Librecorps is a program based at the Rochester Institute for Technology's Free and Open Source Software (FOSS) initiative that works with UNICEF to connect students with NGOs for paid co-op placements where they build and maintain FOSS tools used by nonprofits.
The organization and its participants have created a library of CC-licensed code and training documents, available on Github and RIT's Center for Media, Arts, Interaction & Creativity, which hosts the FOSS initiative.
It's exciting to see projects that expressly connect the ethical basis for FOSS with other projects based on humanitarian values.
The roadmap template is a resource that gets hands-on and personal to a specific open source project. There are five tracks within the roadmaps with different tasks to gradually ramp up the areas of focus for community management.
The first track includes milestones like writing a mission statement, choosing a free software license, and establishing a code of conduct, and provides a set of open source tools or frameworks for users to learn more about. The second track includes gradually more advanced milestones like documenting how to set up a development environment, learning the pull request workflow, choosing a project hosting platform, and more. Further tracks include milestones like implementing continuous integration (CI,) organizing community events, and gathering user testimonials.
LibreCorps mentors humanitarian startups on how to run the open source way [Justin W. Flory/Opensource.com]
(Thanks, Stephen Jacobs!)
My 2019 book Radicalized has been named one of the five finalists for Canada Reads, the CBC's annual book prize -- Canada's leading national book award, alongside of the Governor General's award!
In 1975, Pol Pot and the Khmer Rouge seized power in Cambodia after expelling a US puppet regime, surviving a brutal US bombing campaign despite the massive asymmetry between the Cambodian forces and the US military. Tian Veasna was born three days after the Khmer Rouge took power, and spent his formative years in forced labor camps as his family were beaten, starved, tortured and murdered. Today, Veasna is a comics creator living in France, and in Year of the Rabbit, Veasna creates a coherent story out of his family's narratives, giving us a ground-level view of the horrors of the Pol Pot regime, whose campaign of genocide led to the deaths of more than a million people.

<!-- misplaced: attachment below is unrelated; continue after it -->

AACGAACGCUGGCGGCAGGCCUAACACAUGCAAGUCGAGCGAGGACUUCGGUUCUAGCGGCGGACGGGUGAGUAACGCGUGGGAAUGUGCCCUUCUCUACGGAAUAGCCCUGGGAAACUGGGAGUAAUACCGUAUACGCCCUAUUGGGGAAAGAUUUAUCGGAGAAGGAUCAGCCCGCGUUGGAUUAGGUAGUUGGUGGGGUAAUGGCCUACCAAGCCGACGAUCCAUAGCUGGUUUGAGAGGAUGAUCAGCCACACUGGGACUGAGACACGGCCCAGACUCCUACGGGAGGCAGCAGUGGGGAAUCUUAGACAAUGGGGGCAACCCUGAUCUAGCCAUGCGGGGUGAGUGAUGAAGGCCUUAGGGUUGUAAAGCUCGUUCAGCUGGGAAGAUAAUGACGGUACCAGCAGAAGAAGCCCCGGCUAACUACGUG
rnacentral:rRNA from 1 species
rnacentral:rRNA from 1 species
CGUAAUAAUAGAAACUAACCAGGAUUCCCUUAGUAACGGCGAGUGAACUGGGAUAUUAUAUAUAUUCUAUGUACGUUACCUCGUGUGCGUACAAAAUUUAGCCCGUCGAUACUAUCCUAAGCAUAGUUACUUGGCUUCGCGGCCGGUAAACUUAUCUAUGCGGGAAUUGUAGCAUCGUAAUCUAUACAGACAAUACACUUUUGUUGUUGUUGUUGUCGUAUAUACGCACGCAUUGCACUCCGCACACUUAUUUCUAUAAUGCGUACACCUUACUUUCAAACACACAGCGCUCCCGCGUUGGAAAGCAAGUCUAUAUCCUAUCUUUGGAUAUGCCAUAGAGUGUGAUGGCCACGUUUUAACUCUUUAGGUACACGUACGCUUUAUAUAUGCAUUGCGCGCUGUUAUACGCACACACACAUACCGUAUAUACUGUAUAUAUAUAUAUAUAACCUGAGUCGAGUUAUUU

Chicago's Volante (previously) bills itself as "streetwear for superheroes," and I love their clothes. They've just released an addition to their existing canon of Star Trek-themed, cosplay-adjacent clothes: the Picard Sweater, a stretchy knit tribute to Jean-Luc himself, the perfect thing to wear while you're watching Wil Wheaton host "The Ready Room," which airs after […]
The Nintendo Switch is an undeniably awesome gadget, pairing old-school gaming styles with modern-day graphics and functionality for a new generation of gamers. The only complaint people seem to have is that its controllers are somewhat lacking, which is why more and more Switch-enthusiasts are picking up this Gbros. Wireless Adapter that lets you play […]
More and more people are flocking to a wide variety of careers in IT, thanks mostly to the high pay, plentiful advancement opportunities, and an exciting atmosphere that offers new challenges every day. The only problem is that this high demand means competition can be fierce if you’re entering the job market for the first […]
Going to the beach is almost always an enjoyable experience, but trekking back through your house on the way to the shower can leave a trail of sand the quickly saps the day of its sunny fun. Thankfully this BeachBox: Portable Shower & Storage unit has you covered the next time you hit the beach. […]